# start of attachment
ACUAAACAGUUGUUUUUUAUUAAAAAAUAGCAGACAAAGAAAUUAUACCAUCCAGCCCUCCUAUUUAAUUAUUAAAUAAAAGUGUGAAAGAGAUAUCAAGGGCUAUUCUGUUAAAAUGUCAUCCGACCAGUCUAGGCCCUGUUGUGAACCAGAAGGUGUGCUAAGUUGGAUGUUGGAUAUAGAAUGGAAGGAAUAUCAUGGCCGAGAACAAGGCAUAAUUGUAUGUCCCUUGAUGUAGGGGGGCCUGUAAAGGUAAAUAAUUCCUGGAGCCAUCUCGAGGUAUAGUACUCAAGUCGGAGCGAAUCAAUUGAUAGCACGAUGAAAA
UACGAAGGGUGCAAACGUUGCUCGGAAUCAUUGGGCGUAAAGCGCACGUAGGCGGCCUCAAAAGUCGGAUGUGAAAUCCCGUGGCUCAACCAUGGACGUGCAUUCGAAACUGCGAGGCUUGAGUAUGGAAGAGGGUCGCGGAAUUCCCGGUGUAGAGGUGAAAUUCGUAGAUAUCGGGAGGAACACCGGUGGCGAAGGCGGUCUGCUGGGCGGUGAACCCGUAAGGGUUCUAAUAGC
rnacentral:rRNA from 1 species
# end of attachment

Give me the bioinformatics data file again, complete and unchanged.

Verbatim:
ACUAAACAGUUGUUUUUUAUUAAAAAAUAGCAGACAAAGAAAUUAUACCAUCCAGCCCUCCUAUUUAAUUAUUAAAUAAAAGUGUGAAAGAGAUAUCAAGGGCUAUUCUGUUAAAAUGUCAUCCGACCAGUCUAGGCCCUGUUGUGAACCAGAAGGUGUGCUAAGUUGGAUGUUGGAUAUAGAAUGGAAGGAAUAUCAUGGCCGAGAACAAGGCAUAAUUGUAUGUCCCUUGAUGUAGGGGGGCCUGUAAAGGUAAAUAAUUCCUGGAGCCAUCUCGAGGUAUAGUACUCAAGUCGGAGCGAAUCAAUUGAUAGCACGAUGAAAA
UACGAAGGGUGCAAACGUUGCUCGGAAUCAUUGGGCGUAAAGCGCACGUAGGCGGCCUCAAAAGUCGGAUGUGAAAUCCCGUGGCUCAACCAUGGACGUGCAUUCGAAACUGCGAGGCUUGAGUAUGGAAGAGGGUCGCGGAAUUCCCGGUGUAGAGGUGAAAUUCGUAGAUAUCGGGAGGAACACCGGUGGCGAAGGCGGUCUGCUGGGCGGUGAACCCGUAAGGGUUCUAAUAGC
rnacentral:rRNA from 1 species